How to Fight Terrorism – Christian Holm

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A RAF Reaper UAV (Unmanned Aerial Vehicle), pictured airborne over Afghanistan during Operation Herrick.

It seems as if each generation of western society has suffered a formative conflict. I dread that ours will be the war on terror. If this is so, we need find ways to understand its causes properly, and combat terrorism accordingly. Unfortunately, the political response thus far has been partially based on a false understanding of what causes terrorism.

To this day counter-terrorism remains mainly a military matter. We mainly counter terrorism by killing or capturing terrorists. Though this undoubtedly is a necessary measure to counter immediate threats to our nations and nationals, it is not a measure which on its own makes leeway for a long term solution to the causes of terror.

In all fairness, long term solutions to the causes of terror have been vividly discussed. At the dusk of the war on terror politicians from all camps, including George W. Bush and Al Gore, identified poverty and poor education as the makers of future terrorists. Foreign aid was deemed to be the greatest counter-terrorism measure yet found.

Only the problem with this strategy is that it doesn’t work. There is no significant correlation between either low education or poverty, and terrorism. Econometricians, such as Alan Krueger and Jitka Malečková, have found instead, that the main driver of international terrorism is the lack of democratic rights and civil liberties.

It is perhaps not surprising that in the absence of the right to propagate once view peacefully, civilians in the margins take to arms, both at home and abroad, to enforce their views through the only means they have come to know. Hence, the spreading of liberal democracy must be at the heart of all long term counter terrorism measures.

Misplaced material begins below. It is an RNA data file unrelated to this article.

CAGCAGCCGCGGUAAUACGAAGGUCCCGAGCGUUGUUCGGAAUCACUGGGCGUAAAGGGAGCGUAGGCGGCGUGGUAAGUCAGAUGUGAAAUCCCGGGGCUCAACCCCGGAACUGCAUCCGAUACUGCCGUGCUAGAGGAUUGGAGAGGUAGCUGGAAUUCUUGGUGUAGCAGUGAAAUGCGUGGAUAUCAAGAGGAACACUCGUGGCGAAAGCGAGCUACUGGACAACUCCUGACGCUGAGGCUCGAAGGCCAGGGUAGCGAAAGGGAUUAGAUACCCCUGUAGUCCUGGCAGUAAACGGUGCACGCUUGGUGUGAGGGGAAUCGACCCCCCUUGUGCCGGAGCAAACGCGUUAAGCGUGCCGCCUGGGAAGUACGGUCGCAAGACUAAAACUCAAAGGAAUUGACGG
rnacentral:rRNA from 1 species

Moreover, there is a correlation between having low amounts of trade with another nation, and a higher rate of acts of terror being committed at home by the foreign nation’s citizens. It therefore seems that amongst our most effective counter terrorism measures are perhaps neither the drone programme nor the NSA, but rather perhaps Mc Donald’s and Goldman Sachs.

Krueger and Malečková also found that if public opinion of another nations leadership is negative, radicals in the first nation are far more likely to commit acts of terror in the other country. We therefore need an amount of prudence in our dealing with foreign nations, which the likes of Trump so obviously lack. We also need to be conservative in our use of military strikes, so as to not stir up further negative feelings.

Finally, we need to realise that it is in the nature of humans to be in part conservative and fearful of what is not familiar. No doubt that instinct kept humanity alive in primitive times. It is irrefutable that many if not most humans feel less immediate trust towards strangers of foreign cultures and religions, than to strangers of our own. The contemporary rise of the far-right is all but a testament to this underlying sentiment of trust to what people identify as their own group. However, history teaches us that what people see as defining their own group can be changed and be made more inclusive. It is therefore fundamentally important that we liberals lead a civic change for inclusiveness towards foreign cultures and creeds and make for a society where even all the Trumps, Le Pens and Pegida supporters of this world self-identify as belonging to the same society as the minorities in their countries. If not, the following polarisation risk tearing society apart and provide a growing ground for future terrorists.

In order for us to minimise terror in the long run, military action is not enough. We need to fight the underlying causes and contributors of terror. It is therefore fundamentally important that we peruse further expansion of democracy and trade, prioritise having leaders who do not alienate foreign nations and cultures, and provide an inclusive society at home.

Christian Holm is a member of Centre Party Youth (Sweden) and team member of  the IFLRY Free Trade Programme. He is currently studying for his Bachelor in Economics at the University of Cambridge (UK).

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